Hello and Happy Poetry Friday! Be sure to visit lovely Violet at Violet Nesdoly for Roundup.
One of the things I love to do on this blog is showcase Alabama books and authors. Today it is my pleasure to welcome Glenda Slater, author of FOOLING AROUND WITH SHAKESPEARE (Negative Capability Press, 2016). These poems are FUN! They are not just for someone who knows and loves Shakespeare. They make a great introduction to him, especially as they are so easy to understand and amusing. Teachers, these poems would be great to pair with actual Shakespeare in the classroom!
First I'd like to share the Preface that begins the book:
You may be long-time lover of the Bard.
You may be youth who thinks His plays too hard.
The poems you will find within this book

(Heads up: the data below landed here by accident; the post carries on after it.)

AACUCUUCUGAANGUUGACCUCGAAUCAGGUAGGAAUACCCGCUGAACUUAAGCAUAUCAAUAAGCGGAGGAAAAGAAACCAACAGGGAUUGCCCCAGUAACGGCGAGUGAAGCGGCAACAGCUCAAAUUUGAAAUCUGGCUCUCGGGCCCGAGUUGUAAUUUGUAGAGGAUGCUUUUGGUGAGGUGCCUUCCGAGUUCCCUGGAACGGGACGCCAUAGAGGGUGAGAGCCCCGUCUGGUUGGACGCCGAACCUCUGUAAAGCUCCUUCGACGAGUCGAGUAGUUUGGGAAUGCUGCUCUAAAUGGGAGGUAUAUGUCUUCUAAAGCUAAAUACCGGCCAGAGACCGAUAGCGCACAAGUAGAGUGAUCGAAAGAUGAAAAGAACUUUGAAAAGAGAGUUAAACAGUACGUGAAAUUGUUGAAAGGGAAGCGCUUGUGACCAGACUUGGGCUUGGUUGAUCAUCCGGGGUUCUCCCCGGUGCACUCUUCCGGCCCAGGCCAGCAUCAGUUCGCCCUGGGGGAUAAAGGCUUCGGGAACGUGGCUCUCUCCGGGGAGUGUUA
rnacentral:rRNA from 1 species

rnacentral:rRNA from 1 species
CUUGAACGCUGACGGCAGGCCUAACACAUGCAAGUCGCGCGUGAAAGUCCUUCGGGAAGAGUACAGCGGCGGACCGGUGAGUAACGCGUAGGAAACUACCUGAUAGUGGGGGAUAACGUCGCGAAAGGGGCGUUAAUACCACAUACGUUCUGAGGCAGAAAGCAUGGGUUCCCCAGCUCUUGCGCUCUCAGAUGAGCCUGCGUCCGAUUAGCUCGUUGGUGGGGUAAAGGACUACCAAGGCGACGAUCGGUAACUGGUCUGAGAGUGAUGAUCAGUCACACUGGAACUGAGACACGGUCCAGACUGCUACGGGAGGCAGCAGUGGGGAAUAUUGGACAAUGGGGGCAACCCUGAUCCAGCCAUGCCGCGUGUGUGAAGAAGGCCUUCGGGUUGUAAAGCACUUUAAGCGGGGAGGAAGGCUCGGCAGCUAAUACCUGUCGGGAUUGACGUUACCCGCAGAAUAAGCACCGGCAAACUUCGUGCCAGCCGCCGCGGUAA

Provide for you a new, irreverent, look.
They focus on the foolishness and fun,
The foibles, failings, faults of fools who run
Capriciously cavorting on His pages.
These fools may be, at times, confused with sages.
I warn those who are with His plays besot:
I'e taken liberties with place and plot.
Your entertainment is the poem's intent, so
Frame thy mind to mirth and merriment!
- Glenda Richmond Slater
Isn't that delightful?! And now I've asked Glenda to respond to a few prompts:
GS: I remember thinking, when Cold Sassy Tree by Olive Ann Burns was published, how remarkable that a woman could publish her first book at the advanced age of 60! And here I am, considerably older, with my first.
Everything about Fooling Around with Shakespeare has been unexpected. When I wrote the first poem, in response to a Pensters [writing group] prompt, I didn’t even turn it in to the contest. That was “A Midsummer Night’s Scream” and I thought the judge would not take seriously a poem that rhymed, had meter, and was a bit of a parody on the play. It would be dismissed as light verse, I suspected.